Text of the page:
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Customizing a Keypad as an Alternative Dispatch Console Interface

Author: Ray Desmarais, Melbourne Police Department, Florida.

Copyright: Copyright 9-1-1 Magazine, Feature Content

Date: 2017-07-05
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We had concerns that this mouse-driven interface could pose a problem for our dispatchers who already suffer from a cluttered work space and were used to a keyboard-driven system for radio dispatch management. Using a modular keypad programmed to emulate the console functions, we developed an in-house solution that is working very well for our dispatchers.

Harris Corporation provides first responders with a wide variety of mission critical communication solutions to state, federal, and local government agencies. Located in Melbourne, Florida, Harris is the maker of the Symphony 800 MHz radio console. The console’s technology allows the user to customize their screen with multi-tabbed modules, and it has the ability to place your most frequently utilized features directly where each dispatcher prefers them. This enables the dispatcher to move audio to different speakers and have the ability to immediately play back audio.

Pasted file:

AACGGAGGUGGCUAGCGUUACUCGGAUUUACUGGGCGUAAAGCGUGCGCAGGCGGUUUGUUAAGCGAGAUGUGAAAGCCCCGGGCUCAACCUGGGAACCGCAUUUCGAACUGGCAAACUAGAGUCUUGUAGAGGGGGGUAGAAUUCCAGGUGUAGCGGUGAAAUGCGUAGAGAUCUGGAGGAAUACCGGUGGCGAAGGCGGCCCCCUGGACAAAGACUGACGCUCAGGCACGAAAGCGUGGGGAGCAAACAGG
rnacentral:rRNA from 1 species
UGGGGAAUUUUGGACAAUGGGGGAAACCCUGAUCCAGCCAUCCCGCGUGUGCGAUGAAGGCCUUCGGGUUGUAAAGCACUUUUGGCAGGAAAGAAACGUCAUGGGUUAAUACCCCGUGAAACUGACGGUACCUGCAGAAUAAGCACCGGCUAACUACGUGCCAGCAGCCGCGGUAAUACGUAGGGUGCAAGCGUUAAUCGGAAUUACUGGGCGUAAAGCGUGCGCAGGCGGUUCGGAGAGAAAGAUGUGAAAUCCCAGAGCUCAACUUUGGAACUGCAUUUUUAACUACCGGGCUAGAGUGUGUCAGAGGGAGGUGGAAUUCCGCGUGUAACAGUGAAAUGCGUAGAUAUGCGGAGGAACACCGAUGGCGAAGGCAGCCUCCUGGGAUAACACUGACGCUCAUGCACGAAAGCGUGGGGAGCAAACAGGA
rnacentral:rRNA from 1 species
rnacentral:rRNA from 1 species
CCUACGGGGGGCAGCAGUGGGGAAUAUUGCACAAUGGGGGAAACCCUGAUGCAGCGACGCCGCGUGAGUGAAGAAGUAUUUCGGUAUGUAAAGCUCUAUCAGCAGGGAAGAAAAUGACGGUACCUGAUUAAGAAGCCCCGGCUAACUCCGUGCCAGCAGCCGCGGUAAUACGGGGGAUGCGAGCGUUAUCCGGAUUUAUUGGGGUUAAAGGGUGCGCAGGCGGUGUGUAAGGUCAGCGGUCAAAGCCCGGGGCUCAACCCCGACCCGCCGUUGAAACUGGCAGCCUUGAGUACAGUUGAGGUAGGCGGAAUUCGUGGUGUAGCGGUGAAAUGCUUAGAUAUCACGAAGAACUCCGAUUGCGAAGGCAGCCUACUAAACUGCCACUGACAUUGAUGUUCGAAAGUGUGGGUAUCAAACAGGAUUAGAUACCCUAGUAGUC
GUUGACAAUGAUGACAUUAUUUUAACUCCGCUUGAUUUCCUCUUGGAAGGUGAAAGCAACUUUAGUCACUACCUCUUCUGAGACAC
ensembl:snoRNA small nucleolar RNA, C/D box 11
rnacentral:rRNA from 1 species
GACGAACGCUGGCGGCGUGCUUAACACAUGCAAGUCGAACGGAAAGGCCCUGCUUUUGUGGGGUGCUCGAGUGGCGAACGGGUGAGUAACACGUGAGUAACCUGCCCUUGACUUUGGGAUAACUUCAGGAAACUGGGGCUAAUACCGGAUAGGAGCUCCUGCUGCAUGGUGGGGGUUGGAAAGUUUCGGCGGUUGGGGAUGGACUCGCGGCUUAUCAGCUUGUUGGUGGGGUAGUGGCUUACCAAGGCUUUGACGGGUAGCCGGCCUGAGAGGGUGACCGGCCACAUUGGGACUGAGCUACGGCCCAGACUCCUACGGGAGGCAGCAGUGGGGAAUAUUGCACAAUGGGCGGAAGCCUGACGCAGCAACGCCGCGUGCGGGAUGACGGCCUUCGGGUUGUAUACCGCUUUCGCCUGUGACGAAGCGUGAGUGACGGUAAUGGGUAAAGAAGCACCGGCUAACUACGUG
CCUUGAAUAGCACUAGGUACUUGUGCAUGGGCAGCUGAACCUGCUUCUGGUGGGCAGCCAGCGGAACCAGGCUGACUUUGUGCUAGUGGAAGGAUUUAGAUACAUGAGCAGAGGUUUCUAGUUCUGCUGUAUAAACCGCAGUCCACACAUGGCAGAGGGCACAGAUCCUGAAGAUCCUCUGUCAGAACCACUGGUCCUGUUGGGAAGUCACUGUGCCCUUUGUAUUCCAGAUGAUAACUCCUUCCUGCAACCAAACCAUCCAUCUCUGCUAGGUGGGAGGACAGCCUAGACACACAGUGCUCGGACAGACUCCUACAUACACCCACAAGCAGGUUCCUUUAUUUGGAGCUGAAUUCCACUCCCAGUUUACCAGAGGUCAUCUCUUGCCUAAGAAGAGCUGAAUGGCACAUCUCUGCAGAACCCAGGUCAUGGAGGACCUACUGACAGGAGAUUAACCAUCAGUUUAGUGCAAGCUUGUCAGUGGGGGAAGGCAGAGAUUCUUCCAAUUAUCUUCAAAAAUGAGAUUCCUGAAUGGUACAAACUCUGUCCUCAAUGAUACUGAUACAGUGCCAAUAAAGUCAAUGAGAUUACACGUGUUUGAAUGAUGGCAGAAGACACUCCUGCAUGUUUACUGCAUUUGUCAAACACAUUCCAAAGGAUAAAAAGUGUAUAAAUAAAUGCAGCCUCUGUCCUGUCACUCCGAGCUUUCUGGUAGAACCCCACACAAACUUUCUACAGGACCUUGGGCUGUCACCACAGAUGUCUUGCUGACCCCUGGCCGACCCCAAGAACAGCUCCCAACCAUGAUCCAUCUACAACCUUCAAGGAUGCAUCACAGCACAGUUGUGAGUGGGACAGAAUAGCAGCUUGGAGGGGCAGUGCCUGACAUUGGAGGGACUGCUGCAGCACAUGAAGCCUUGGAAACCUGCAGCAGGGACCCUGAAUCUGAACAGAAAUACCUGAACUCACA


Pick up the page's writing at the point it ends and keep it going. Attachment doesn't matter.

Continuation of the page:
The Melbourne Police Department is a user of the Harris 800 MHz radio solutions. We were introduced to the new Symphony 800 MHz radio console in January of 2016 as a solution moving into the P25 world. This new console replaced our previous Harris Maestro 800 MHz radio console. The Maestro is a keyboard-driven radio console that has been around for the past 18 years, and dispatchers within our organization as well as throughout Brevard County, Florida, are used to the keyboard solution. The new Symphony console is a mouse-driven solution. We had concerns that this could pose as a problem for our dispatchers who already suffer from a cluttered work space for their mapping program, CAD program, phone system, and now their radio system. We had asked Harris Corporation for the design of a keyboard for their new radio Symphony Console. Harris Corporation has begun the design of that keyboard, but it will not be available until possibly 2018. We needed a quicker solution to the already cluttered dispatch space.